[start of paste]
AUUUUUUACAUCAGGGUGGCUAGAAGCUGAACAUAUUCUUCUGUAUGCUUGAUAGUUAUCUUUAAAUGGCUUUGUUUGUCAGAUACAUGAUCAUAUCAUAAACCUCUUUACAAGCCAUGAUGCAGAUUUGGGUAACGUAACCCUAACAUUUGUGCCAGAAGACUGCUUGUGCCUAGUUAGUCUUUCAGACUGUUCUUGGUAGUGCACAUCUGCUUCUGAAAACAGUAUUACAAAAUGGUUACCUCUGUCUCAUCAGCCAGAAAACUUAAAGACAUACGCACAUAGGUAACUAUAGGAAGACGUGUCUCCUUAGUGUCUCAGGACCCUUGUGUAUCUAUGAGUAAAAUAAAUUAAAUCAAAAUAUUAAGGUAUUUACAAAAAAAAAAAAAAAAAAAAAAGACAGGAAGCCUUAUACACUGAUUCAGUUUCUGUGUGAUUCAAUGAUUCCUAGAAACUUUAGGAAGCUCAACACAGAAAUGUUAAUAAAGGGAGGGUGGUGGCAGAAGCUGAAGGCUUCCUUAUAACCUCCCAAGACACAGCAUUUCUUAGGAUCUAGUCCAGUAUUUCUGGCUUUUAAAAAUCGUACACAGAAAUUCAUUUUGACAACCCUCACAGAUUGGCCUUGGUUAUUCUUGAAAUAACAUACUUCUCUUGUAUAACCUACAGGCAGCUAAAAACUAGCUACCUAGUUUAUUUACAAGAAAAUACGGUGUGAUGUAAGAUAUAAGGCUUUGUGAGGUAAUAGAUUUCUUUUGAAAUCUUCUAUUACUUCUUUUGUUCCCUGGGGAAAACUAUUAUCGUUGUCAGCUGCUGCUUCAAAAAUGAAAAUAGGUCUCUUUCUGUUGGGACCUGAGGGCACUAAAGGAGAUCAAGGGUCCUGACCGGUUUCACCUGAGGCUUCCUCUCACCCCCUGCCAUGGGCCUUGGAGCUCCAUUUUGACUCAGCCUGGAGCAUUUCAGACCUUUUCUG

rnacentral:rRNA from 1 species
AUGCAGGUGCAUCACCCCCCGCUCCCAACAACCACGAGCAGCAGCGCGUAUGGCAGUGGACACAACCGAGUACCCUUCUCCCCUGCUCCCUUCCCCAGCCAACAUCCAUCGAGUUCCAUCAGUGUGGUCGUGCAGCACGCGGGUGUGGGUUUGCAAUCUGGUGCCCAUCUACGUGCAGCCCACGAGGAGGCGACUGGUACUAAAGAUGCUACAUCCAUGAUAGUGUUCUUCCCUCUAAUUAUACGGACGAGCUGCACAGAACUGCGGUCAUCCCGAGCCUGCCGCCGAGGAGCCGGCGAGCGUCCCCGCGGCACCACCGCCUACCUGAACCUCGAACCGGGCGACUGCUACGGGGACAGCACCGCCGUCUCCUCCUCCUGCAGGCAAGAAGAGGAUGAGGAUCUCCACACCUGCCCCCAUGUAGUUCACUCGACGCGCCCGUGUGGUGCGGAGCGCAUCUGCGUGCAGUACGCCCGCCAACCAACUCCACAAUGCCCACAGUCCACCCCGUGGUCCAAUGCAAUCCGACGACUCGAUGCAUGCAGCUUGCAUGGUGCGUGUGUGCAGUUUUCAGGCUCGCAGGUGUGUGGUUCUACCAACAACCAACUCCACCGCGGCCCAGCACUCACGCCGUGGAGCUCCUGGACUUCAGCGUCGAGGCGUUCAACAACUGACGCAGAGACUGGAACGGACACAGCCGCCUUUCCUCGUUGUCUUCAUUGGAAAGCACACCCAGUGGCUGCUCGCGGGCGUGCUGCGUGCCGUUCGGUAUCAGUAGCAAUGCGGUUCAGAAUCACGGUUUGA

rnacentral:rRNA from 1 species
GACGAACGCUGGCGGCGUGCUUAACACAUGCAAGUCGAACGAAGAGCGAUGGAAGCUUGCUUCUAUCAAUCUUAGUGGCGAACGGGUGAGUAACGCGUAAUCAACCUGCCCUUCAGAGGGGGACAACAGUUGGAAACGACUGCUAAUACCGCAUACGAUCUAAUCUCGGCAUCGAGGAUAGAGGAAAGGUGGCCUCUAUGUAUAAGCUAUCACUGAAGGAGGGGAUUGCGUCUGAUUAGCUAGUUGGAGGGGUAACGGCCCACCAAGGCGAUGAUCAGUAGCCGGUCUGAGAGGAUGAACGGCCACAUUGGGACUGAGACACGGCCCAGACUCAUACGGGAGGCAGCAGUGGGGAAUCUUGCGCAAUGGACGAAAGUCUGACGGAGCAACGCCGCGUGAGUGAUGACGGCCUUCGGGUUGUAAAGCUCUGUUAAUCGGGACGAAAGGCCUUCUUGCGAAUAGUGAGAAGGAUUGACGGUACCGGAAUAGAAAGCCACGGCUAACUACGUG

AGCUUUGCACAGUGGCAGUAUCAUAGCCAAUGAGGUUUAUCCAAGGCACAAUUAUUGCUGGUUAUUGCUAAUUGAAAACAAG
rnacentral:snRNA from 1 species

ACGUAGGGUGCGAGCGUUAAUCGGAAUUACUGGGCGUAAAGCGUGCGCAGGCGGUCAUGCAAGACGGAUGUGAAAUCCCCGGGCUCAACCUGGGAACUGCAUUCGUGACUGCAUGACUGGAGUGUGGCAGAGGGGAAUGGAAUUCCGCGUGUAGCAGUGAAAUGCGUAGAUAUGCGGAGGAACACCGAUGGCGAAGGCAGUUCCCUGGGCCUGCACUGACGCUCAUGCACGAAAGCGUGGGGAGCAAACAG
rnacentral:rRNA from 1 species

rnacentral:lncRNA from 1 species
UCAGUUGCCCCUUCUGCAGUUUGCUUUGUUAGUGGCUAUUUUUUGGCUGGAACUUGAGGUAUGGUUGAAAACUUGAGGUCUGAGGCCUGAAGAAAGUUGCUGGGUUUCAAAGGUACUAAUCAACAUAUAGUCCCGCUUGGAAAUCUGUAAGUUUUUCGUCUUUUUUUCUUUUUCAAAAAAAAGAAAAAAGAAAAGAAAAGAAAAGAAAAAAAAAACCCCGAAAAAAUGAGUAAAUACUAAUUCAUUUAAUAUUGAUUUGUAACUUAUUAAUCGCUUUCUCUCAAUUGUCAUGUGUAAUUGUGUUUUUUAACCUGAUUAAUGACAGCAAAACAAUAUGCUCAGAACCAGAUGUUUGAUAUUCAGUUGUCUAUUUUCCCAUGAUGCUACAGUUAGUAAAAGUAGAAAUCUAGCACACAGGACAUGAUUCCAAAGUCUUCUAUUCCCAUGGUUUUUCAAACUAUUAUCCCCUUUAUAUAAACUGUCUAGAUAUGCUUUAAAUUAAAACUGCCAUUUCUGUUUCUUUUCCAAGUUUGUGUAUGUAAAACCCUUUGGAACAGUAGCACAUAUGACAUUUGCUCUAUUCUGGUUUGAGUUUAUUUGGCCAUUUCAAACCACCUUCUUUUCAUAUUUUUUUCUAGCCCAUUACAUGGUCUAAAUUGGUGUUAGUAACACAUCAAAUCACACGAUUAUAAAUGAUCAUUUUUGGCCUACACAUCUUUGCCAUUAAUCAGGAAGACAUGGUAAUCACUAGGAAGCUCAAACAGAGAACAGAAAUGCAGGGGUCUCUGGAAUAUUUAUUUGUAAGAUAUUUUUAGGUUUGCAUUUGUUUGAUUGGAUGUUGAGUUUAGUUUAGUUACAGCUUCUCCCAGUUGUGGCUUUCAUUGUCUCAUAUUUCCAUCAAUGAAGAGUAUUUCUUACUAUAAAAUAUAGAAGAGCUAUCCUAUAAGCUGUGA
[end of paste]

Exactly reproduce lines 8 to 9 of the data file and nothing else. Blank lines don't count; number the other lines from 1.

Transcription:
ACGUAGGGUGCGAGCGUUAAUCGGAAUUACUGGGCGUAAAGCGUGCGCAGGCGGUCAUGCAAGACGGAUGUGAAAUCCCCGGGCUCAACCUGGGAACUGCAUUCGUGACUGCAUGACUGGAGUGUGGCAGAGGGGAAUGGAAUUCCGCGUGUAGCAGUGAAAUGCGUAGAUAUGCGGAGGAACACCGAUGGCGAAGGCAGUUCCCUGGGCCUGCACUGACGCUCAUGCACGAAAGCGUGGGGAGCAAACAG
rnacentral:rRNA from 1 species